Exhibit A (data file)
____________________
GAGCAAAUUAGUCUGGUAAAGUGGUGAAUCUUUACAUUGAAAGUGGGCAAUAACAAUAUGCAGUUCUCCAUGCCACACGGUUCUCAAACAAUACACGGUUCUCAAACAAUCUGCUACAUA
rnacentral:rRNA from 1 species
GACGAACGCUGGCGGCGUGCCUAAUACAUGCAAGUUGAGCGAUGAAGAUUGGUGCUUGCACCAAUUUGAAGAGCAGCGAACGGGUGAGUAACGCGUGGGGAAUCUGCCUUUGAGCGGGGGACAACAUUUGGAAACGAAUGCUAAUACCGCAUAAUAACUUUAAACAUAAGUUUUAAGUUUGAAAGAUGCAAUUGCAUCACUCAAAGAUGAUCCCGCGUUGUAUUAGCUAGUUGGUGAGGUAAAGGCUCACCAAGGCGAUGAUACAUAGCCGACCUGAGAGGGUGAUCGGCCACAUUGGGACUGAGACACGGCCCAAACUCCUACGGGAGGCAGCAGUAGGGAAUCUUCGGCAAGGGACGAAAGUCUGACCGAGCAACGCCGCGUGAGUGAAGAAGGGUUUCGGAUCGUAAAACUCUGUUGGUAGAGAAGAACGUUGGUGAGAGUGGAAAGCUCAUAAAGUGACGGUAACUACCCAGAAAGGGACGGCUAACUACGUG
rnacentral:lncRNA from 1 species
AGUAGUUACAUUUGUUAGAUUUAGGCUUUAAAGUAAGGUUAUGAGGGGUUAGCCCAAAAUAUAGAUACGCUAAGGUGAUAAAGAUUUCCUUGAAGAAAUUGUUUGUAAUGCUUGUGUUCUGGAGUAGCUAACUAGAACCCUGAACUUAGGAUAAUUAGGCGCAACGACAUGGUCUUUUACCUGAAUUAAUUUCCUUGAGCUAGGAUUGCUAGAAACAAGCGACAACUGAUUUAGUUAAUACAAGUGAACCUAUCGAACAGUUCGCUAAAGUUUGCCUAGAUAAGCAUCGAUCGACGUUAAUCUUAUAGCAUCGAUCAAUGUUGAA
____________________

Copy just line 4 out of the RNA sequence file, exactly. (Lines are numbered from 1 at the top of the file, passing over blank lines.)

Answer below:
rnacentral:lncRNA from 1 species